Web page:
The Girard-Perregaux Sea Hawk Blue
The Girard-Perregaux Sea Hawk Blue!
Horbiter turns cobalt blue and...orange! These colours embellish the diver that Girard-Perregaux presented last month at Baselworld 2014, and which give the Sea Hawk a new, stronger personality. A colour combination that is so different from what was marketed on the other Sea Hawk in the collection, which reminds us that we are looking at a true diver's watch.
The Girard-Perregaux Sea Hawk blue has all the features of the model that the manufacture revamped back in 2012: a “honeycomb” like dial, big luminous markers in the shape of a “snifter”, and a multi-faceted satin finish case. Three design features that are more than enough to distinguish this timepiece from the rest, and give it a strong presence on your wrist, the one some people look for when in search for a timepiece. With, in addition, an orange touch, used for the first 15 minutes of a dive time on the rotating bezel.
Other features are part of this collection from more than a generation. They are: the small seconds counter placed between 10 and 11 o' clock, the power reserve indicator in a half-moon shape placed at 6 o' clock, the screw-down black rubber crown set into a protrusion at 4 o'clock. I took a couple of pictures of the Girard-Perregaux Sea Hawk Blue and of the special edition Mission of Mermaids time piece just to show how you can dramatically change the look of this watch by just skillfully mixing the colours.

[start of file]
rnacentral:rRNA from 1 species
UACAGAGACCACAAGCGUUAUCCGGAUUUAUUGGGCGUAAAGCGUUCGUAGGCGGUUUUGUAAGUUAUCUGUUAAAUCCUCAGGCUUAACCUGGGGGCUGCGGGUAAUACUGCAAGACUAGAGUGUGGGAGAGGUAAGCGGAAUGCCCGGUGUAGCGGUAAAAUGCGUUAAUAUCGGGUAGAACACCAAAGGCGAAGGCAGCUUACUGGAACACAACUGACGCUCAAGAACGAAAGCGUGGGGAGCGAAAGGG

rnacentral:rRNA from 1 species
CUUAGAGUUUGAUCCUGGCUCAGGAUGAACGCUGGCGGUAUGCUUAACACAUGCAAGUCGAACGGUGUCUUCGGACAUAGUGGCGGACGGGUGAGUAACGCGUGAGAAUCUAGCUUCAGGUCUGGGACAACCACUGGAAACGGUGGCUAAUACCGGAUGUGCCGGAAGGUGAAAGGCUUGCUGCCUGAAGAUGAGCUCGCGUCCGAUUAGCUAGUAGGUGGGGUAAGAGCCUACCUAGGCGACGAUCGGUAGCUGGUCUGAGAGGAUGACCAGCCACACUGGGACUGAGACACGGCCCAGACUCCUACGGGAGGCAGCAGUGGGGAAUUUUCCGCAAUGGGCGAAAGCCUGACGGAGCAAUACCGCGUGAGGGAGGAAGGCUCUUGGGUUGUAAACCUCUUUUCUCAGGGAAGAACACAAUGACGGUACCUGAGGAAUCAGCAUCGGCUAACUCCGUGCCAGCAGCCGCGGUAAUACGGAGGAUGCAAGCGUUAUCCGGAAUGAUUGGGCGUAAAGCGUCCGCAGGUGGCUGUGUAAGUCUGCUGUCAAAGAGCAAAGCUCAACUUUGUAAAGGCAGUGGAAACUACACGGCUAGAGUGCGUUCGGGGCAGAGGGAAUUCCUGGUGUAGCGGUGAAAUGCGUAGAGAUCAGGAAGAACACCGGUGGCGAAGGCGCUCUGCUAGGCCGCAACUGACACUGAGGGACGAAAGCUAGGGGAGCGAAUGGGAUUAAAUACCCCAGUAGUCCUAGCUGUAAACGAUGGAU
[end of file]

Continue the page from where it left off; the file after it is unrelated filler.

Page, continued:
And I repeated the word “diver” often in this article not by pure coincidence. Although the case and dial are not engraved with this lettering, the Girard-Perregaux Sea Hawk blue (and the rest of the collection) is an ISO 6425 compliant timepiece. It means it meets international standards that allow it to be called a “diver's” watch. This is a feature that not all timepieces can boast (or that not all manufacturers clarify when presenting their timepieces), but that a connoisseur should be aware of, as it proves the quality of a timepiece. A diver's watch has to undergo a long series of rigorous tests, such as, for example, an actual test carried out in salt water; and these tests must be performed on the entire production.
What could we expect more from the Girard-Perregaux Sea Hawk blue? It needs one more small development: a ceramic inlay on the bezel and a bracelet unfastening device, which allows to easily replace it with the steel bracelet Girard-Perregaux has marketed, with hexagon shaped links, the same ones used for the honeycomb dial.
(Photo credit: Courtesy of G-P; Horbiter's proprietary photo-shooting)
Gaetano C./Raffaella R. @Horbiter - Watches & Luxury